Gubernatorial candidates, from left, Democratic Gov. Janet Mills, Republican Paul LePage, and independent Sam Hunkler participate in a debate, Tuesday, Oct. 4, 2022, at the Franco Center in Lewiston, Maine. (AP Photo/Robert F. Bukaty)

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It is now mid-October and the campaign season has begun in earnest. Our televisions, radios and social media feeds are flooded with advertisements, and there is seemingly no escape. We are being carpet-bombed by phone calls, text messages and mail for every race imaginable, as campaigns grope around for any way possible to persuade voters.

It is also debate season, where the high-profile contests pit candidate against candidate in a ridiculous, stage-managed, theatrical farce that we all pretend is illuminative to our eventual vote.

I’ve made the point before that I consider debates, be they for presidential candidates or lower offices, to be a waste of time for everyone. They ultimately cheapen the discussion of issues, replacing substantive policy conversations with maddeningly simple and usually misleading soundbites. They elevate performative bombast above sober judgment and make politics into a superficial food fight.

Yet despite my disdain, they remain important to people for some reason, and we continue to have them.

For debate watchers, the most anticipated face-off has obviously been that of incumbent Gov. Janet Mills against former Gov. Paul LePage. Mills’ acerbic dislike of LePage, which is of course reciprocated in the other direction, coupled with LePage’s colorful style have promised to produce something entertaining, at least. And so, even people like me will watch.

We had two opportunities to see them debate last week, the first being hosted by Maine Public and the Portland Press Herald, and the second by the Portland Regional Chamber of Commerce.

In the media debate, the presence of independent candidate Sam Hunkler was, to be kind, bewildering, and more than a little distracting. After LePage and Mills started to go back and forth about the sales tax, Hunkler asked for time to participate, only to then start droning on about having gone to medical school, where his children were born and his decision to purchase a house in Greene. It was surreal.

As the evening wore on, it became clear to me that the debate was being shaped around what appear to be the left-wing priorities of the hosting media outlets, including questions about the importance of asylum seekers, abortion, climate change, and the legitimacy of Joe Biden’s election. Even topics that are somewhat politically neutral, like childcare and the opioid crisis, were framed in ways that betrayed the ideological sensibilities of the host organizations.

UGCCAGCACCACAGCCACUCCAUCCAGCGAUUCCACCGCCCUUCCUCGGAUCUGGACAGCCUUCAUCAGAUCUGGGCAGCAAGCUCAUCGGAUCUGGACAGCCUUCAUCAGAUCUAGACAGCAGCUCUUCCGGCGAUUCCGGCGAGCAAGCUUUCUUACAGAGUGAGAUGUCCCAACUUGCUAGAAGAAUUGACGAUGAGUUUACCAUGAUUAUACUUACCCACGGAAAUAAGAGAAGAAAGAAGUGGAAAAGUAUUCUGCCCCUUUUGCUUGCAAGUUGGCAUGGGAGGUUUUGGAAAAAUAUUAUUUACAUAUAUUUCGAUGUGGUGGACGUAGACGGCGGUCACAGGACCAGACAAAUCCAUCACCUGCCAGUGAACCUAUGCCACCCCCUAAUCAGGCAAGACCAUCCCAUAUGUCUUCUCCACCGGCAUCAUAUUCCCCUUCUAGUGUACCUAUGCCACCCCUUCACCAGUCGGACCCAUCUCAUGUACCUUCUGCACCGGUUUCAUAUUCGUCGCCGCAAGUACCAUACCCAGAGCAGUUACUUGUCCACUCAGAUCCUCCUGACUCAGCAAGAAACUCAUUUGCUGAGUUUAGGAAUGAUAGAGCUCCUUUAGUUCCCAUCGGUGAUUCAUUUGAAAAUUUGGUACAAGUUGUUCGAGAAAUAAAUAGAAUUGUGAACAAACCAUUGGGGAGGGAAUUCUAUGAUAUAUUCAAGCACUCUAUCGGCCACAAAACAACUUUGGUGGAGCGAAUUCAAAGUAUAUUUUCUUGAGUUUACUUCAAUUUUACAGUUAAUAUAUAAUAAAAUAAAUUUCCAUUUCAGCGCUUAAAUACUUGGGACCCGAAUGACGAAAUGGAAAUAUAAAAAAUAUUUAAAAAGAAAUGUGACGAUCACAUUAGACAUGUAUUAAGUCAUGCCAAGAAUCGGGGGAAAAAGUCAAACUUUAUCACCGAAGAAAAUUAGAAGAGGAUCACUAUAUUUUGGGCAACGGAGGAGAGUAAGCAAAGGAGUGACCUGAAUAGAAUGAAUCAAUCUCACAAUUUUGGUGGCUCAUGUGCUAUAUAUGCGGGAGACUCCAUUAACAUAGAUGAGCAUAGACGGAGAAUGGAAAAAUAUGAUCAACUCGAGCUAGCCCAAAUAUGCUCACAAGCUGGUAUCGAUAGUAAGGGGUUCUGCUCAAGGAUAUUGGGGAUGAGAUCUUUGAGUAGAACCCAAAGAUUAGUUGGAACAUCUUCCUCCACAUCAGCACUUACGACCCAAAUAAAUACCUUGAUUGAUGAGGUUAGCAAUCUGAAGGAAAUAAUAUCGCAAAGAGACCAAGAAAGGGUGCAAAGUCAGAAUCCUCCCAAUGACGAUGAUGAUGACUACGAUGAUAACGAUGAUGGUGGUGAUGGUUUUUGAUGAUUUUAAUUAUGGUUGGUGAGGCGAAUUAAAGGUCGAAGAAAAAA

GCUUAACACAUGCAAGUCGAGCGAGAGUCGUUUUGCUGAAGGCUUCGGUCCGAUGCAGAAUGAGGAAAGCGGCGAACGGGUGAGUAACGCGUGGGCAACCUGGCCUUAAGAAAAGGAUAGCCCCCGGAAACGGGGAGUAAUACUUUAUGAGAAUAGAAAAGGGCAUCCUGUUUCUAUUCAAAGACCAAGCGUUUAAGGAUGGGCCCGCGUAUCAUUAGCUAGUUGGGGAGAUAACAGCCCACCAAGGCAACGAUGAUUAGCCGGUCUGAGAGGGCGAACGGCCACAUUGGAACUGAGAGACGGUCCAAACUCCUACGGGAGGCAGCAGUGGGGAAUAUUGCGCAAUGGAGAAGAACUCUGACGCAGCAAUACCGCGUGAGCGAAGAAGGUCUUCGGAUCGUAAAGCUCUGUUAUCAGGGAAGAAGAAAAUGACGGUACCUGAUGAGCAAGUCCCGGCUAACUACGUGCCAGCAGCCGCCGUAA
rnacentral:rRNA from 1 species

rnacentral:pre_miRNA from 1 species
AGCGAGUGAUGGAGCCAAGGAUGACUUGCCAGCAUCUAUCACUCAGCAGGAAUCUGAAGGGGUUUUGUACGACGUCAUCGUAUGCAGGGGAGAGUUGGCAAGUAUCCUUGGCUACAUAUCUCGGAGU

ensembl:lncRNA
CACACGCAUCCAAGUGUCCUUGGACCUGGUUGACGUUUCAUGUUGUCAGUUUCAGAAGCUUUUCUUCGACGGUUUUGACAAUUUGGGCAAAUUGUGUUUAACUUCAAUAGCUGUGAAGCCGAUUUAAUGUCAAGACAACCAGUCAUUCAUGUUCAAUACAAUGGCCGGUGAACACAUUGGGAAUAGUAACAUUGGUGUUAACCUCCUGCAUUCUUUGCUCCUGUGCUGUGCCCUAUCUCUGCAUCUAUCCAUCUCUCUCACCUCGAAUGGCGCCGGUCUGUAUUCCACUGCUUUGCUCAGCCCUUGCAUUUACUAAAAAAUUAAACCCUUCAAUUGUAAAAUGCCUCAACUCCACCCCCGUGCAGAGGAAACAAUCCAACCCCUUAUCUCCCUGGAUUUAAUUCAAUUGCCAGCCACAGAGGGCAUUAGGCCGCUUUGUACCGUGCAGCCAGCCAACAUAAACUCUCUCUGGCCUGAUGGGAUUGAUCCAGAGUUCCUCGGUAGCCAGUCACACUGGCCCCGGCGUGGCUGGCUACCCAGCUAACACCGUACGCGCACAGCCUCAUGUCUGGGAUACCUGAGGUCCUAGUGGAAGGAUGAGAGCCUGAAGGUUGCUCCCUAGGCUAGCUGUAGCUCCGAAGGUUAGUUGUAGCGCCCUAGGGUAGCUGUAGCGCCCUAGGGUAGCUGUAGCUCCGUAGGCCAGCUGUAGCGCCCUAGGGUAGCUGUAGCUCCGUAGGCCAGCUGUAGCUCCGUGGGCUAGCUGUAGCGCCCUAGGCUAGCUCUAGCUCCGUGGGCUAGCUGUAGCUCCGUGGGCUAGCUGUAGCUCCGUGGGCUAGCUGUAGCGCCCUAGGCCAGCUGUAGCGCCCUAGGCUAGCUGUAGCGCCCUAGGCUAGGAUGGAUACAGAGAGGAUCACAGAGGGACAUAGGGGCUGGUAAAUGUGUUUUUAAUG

The next-day headlines from the debate were mostly focused around the exchange on abortion, where LePage’s attempt to pivot was undermined by the combined effort of both moderators and Gov. MIlls. Admittedly, his promise to veto a 15-week ban was certainly news, and not at all expected.

But as interesting as all that was, my ears perked up more at an earlier moment in the debate during a discussion of the workforce (thrilling stuff, I know). At one point Mills attempted to pre-emptively deflect responsibility for Maine’s current workforce struggles, which as every business owner will tell you now are bad, and getting worse.

“Workforce is a problem I inherited,” she said, “it was in all the headlines before I took over, and then some, and it is not an issue I’m going to leave to my grandchildren to solve.”

A problem she inherited? The governor was attempting in that moment to suggest that the workforce situation in Maine is a continuation of what was happening during LePage’s tenure, which implies it was declining significantly prior to her tenure. The reality, though, is that it was quite stable. In January of 2016, for instance, three years before she took office, the labor force participation rate was 62.9 percent. In December of 2018, the last full month of the LePage administration, the labor force participation rate was … 62.9 percent.

The rate for August of this year, by contrast, was 58.6 percent. The governor blames COVID and retirements for the massive decline, yet Massachusetts has recovered all of its lost workers, and New Hampshire and Vermont are number two and three on the list of oldest states, and yet don’t seem to be struggling in the same way we are. Since January, New Hampshire has seen a 0.6 percent increase in its workforce, and Vermont has seen a 0.9 percent increase. Maine is the only state in the New England region that has seen a decline (down 0.6 percent) since the beginning of 2022.

Inherited? No, not quite.

As more debates occur this season, I’d like to hear a lot less about Hunkler’s biography, and more questions to the governor about why her administration has been unable to get Maine back to work.

Matthew Gagnon, Opinion columnist

Matthew Gagnon of Yarmouth is the chief executive officer of the Maine Policy Institute, a free market policy think tank based in Portland. A Hampden native, he previously served as a senior strategist...